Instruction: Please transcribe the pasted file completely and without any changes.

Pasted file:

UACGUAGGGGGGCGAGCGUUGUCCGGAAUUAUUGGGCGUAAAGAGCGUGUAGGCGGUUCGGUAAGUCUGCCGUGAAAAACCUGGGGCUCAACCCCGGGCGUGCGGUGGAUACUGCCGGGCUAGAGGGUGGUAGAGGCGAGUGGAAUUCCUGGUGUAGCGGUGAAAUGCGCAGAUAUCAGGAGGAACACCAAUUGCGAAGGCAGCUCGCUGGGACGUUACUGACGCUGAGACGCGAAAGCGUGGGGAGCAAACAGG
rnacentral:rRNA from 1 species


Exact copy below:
UACGUAGGGGGGCGAGCGUUGUCCGGAAUUAUUGGGCGUAAAGAGCGUGUAGGCGGUUCGGUAAGUCUGCCGUGAAAAACCUGGGGCUCAACCCCGGGCGUGCGGUGGAUACUGCCGGGCUAGAGGGUGGUAGAGGCGAGUGGAAUUCCUGGUGUAGCGGUGAAAUGCGCAGAUAUCAGGAGGAACACCAAUUGCGAAGGCAGCUCGCUGGGACGUUACUGACGCUGAGACGCGAAAGCGUGGGGAGCAAACAGG
rnacentral:rRNA from 1 species